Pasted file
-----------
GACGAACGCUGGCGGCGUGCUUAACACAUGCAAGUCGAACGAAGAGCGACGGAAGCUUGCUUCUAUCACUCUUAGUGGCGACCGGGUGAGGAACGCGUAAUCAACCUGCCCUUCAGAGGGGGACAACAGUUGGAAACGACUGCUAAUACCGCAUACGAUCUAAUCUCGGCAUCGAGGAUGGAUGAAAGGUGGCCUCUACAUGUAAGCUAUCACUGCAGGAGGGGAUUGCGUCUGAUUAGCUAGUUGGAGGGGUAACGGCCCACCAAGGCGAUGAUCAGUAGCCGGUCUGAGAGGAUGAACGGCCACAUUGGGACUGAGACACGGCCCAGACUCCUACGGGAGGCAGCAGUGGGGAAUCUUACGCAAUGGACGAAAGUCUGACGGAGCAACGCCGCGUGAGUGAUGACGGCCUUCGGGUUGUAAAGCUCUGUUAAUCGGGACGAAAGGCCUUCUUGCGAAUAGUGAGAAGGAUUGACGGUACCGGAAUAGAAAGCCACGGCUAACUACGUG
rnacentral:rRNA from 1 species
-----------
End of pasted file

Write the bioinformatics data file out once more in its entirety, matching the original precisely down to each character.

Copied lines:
GACGAACGCUGGCGGCGUGCUUAACACAUGCAAGUCGAACGAAGAGCGACGGAAGCUUGCUUCUAUCACUCUUAGUGGCGACCGGGUGAGGAACGCGUAAUCAACCUGCCCUUCAGAGGGGGACAACAGUUGGAAACGACUGCUAAUACCGCAUACGAUCUAAUCUCGGCAUCGAGGAUGGAUGAAAGGUGGCCUCUACAUGUAAGCUAUCACUGCAGGAGGGGAUUGCGUCUGAUUAGCUAGUUGGAGGGGUAACGGCCCACCAAGGCGAUGAUCAGUAGCCGGUCUGAGAGGAUGAACGGCCACAUUGGGACUGAGACACGGCCCAGACUCCUACGGGAGGCAGCAGUGGGGAAUCUUACGCAAUGGACGAAAGUCUGACGGAGCAACGCCGCGUGAGUGAUGACGGCCUUCGGGUUGUAAAGCUCUGUUAAUCGGGACGAAAGGCCUUCUUGCGAAUAGUGAGAAGGAUUGACGGUACCGGAAUAGAAAGCCACGGCUAACUACGUG
rnacentral:rRNA from 1 species